Even as structural residuals, boardgames possess an undeniable graphic appeal. Because they have to operate as the ground for a system, they have an intrinsically modular and iconic design. Easy Money’s alternating tricolor stripes, Uncle Wiggly’s brightly numbered squares, and Gambler’s self-contained funky illustrations demarcate clean, understandable spaces that belie their underlying complexity.
Far from the simple grids of the classics, today's boardgames are eccentric and colorful spaces, loaded with the transitory signifiers of pop culture. Typically, boardgames are tied to content from other sources. The Incredible Hulk game hails from a comic book. The G.I. Joe Game and the Barbie Queen Of the Prom game link up with action figures and dolls. The Baretta Game, the Jetsons Game, The WWF (World Wrestling Federation) Wrestling Challenge Game and the NBC Game are all television properties. And in a curious case of game-about-game, the Xaxxon boardgame is derived from (of all things) the Xaxxon arcade videogame.
All these products desperately try to do justice to the visual punch of their parent media, with varying degrees of success. The Hulk and GI Joe boards translate well: both appropriate the force of comic book cover art with centralized character-based compositions, strong contrasting colors, and prominent skewed type. Others, such as the uncomfortably ornate Barbie game and the bleak, ugly disk of WWF stars, are less than perfunctory — merely cheap frames for garishly-branded content.
Graphic successes or not, the most striking thing about all of these pop culture boardgames is that, as games, they stink. Nobody plays them anymore. But despite this fact, emotional attachment remains. From roadside flea markets to specialty pop-culture stores, overpriced boardgames can be found sandwiched between lunch boxes, action figures, and the occasional Colorforms set. An overwhelming postmodern nostalgia rejects the games as games. Swept up in the museology of pop culture, they are valued as kitsch icons rather than as designed interactive entertainment.
The most memorable and evergreen boardgames — the ones that are actually fun to play, such as Mouse Trap, Monopoly, Trivial Pursuit — usually define their own content. Others, like Pictionary or Scrabble let players create their own. In the twisted logic of hip nostalgia, there is an inverse relationship between fun and retro-fascination: the "good" games are eclipsed by the bad, the awkward, the mercilessly cheesy.
The future of fun
Increasingly, boardgames are dinosaurs from an era in which "multimedia" meant four-color printing and cute plastic tokens. Boardgames today support comic books, TV, and film, rather than the other way around. They don’t lead pop culture trends; they follow them. In the Information Age, the word ‘game’ signifies something digital: a computer or video game. And as technology increasingly implicates play as the dominant form of activity for the wired civilization, the future of fun becomes a serious question.
Space War (1971) and Pong (1972) were the first two bonafide videogames and, strikingly, both of them require two simultaneous players. 1 But in the decades since they were created, the single-player game has come to dominate digital entertainment design. From the solo-typing of early text-based adventures to the button-thumping of Mario to the lonely shores of Myst, computer, console, and arcade games have been predominantly single-player experiences. A few game genres, such as multiplayer MUDs and arcade fighting games, encouraged interaction — but they were the exceptions and not the rule.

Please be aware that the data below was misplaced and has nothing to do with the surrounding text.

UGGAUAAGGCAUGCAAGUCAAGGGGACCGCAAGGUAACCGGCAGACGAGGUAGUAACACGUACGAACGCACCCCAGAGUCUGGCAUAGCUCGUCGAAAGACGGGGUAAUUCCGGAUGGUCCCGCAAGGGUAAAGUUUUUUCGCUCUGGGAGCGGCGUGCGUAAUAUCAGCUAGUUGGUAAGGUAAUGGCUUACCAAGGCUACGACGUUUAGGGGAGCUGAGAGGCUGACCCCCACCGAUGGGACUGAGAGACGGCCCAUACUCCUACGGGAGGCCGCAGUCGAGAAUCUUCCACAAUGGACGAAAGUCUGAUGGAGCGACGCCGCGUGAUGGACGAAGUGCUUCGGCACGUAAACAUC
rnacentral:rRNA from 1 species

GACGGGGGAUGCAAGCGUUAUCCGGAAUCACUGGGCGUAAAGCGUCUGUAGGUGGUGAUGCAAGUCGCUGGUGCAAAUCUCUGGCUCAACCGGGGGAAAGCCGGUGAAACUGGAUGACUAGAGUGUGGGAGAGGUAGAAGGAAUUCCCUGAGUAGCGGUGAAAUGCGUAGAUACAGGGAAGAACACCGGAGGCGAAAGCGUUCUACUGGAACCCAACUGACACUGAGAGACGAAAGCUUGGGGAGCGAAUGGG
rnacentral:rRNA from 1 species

Why the ubiquity of single-player games? In the days before personal computers, game coders were synonymous with game players. The one-t-one interaction between programmer and terminal was hardcoded into the tropes of computer play. There were technical limitations as well: without net connectivity, multi-player games meant several players had to crowd in front of a single computer monitor.
With the skyrocketing rise of the Internet, all that is changing. Once a special treat in a CD-ROM title, a multi-player mode is now a ‘must have’ feature for computer games. Arcade manufactures are experimenting with networked play. And all the new game consoles have a modem jack.
The vertical screen of the single-player game is a narcissistic mirror for the single computer user. But connect that computer to others on a network and what you get is a flat grid: the horizontal connectivity of net play. Sounds a lot like a gameboard, doesn’t it? From the ultra-violent battles of Quake death matches to the witty contests of Acrophobia, games are returning to their multi-player roots as enablers of social interaction. And for designers struggling to invent new ways to play, here’s a well-kept secret: interactive culture predates computers — by centuries. It’s always amusing to see the digital give a nod to the analog, whether or not anyone is really paying attention.
1 see Remote/Involved, by Alex Wilkie and Noortje Marres, pp. xx-xx.
The gameboard is a plane of possibility, at right angles to the perspectival window of renaissance painting, the vertical cinema screen, or the computer monitor.
In the twisted logic of hip nostalgia, there is an inverse relationship between fun and retro-fascination: the "good" games are eclipsed by the bad, the awkward, the mercilessly cheesy.
From roadside flea markets to specialty pop-culture stores, overpriced boardgames can be found sandwiched between lunch boxes, action figures, and the occasional Colorforms set.
Time and space, work and play, the comic and the pitiful — all are conflated in Payday’s ironic homage to the drudgery of a work economy.